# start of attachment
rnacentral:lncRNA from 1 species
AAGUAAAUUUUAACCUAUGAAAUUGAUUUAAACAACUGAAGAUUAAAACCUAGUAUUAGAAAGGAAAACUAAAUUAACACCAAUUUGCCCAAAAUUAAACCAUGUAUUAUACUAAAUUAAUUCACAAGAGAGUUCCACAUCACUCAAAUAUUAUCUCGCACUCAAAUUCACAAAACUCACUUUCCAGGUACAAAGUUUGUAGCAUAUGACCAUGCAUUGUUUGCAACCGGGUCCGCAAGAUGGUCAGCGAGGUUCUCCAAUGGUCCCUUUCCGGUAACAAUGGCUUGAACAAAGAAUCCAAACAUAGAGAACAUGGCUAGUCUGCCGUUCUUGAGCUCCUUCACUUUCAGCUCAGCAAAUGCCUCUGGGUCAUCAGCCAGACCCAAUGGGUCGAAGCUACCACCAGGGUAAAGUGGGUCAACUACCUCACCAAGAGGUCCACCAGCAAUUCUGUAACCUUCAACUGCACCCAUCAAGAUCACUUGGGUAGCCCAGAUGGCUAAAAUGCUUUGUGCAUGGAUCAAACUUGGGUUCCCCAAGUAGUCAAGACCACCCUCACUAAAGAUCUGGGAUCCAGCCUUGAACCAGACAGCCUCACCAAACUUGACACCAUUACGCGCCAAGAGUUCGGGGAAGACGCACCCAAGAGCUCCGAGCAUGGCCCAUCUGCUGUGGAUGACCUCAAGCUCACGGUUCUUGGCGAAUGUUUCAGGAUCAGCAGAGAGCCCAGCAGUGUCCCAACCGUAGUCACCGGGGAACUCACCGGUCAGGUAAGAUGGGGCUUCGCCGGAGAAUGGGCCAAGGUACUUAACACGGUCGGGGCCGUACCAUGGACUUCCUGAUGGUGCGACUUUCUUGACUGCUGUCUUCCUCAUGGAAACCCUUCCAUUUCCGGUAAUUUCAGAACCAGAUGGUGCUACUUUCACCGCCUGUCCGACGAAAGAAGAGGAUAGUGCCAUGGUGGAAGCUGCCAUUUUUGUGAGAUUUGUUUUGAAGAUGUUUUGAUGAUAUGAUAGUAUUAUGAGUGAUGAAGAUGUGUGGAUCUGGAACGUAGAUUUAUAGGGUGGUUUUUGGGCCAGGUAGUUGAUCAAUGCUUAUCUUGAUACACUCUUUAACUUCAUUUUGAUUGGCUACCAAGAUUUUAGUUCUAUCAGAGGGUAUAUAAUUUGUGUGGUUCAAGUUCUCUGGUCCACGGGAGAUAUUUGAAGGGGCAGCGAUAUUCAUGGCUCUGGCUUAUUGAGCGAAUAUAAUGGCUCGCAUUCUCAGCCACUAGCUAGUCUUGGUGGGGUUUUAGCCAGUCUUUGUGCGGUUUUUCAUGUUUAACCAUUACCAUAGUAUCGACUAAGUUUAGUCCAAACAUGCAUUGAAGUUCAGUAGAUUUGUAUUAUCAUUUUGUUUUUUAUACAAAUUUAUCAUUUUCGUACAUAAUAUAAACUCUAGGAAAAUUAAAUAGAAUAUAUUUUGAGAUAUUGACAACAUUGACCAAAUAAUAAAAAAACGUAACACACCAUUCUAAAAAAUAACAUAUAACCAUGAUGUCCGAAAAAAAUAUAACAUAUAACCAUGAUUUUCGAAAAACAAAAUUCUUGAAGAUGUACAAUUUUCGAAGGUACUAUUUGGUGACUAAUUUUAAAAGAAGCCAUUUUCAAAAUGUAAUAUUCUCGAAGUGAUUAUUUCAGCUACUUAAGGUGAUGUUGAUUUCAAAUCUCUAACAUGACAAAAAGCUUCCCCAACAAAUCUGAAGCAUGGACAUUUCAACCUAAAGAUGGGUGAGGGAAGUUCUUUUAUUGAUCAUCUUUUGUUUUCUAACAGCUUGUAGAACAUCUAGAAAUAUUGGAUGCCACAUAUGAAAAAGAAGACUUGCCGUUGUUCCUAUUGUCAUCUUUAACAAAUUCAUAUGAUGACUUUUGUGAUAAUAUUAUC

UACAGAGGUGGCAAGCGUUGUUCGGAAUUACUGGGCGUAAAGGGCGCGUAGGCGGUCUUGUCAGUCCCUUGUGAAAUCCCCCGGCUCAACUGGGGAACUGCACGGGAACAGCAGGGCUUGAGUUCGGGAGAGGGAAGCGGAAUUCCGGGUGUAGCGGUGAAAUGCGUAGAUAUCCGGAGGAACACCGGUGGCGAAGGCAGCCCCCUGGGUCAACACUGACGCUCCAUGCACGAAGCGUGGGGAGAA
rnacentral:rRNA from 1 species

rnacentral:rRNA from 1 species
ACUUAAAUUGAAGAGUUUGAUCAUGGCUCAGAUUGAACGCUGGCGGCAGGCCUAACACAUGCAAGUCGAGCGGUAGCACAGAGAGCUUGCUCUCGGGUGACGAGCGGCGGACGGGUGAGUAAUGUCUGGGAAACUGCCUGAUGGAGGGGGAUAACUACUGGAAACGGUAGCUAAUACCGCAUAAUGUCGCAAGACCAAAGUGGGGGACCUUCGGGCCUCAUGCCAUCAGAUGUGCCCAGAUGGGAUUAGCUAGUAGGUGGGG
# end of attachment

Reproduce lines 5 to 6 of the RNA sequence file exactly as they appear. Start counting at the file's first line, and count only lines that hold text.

rnacentral:rRNA from 1 species
ACUUAAAUUGAAGAGUUUGAUCAUGGCUCAGAUUGAACGCUGGCGGCAGGCCUAACACAUGCAAGUCGAGCGGUAGCACAGAGAGCUUGCUCUCGGGUGACGAGCGGCGGACGGGUGAGUAAUGUCUGGGAAACUGCCUGAUGGAGGGGGAUAACUACUGGAAACGGUAGCUAAUACCGCAUAAUGUCGCAAGACCAAAGUGGGGGACCUUCGGGCCUCAUGCCAUCAGAUGUGCCCAGAUGGGAUUAGCUAGUAGGUGGGG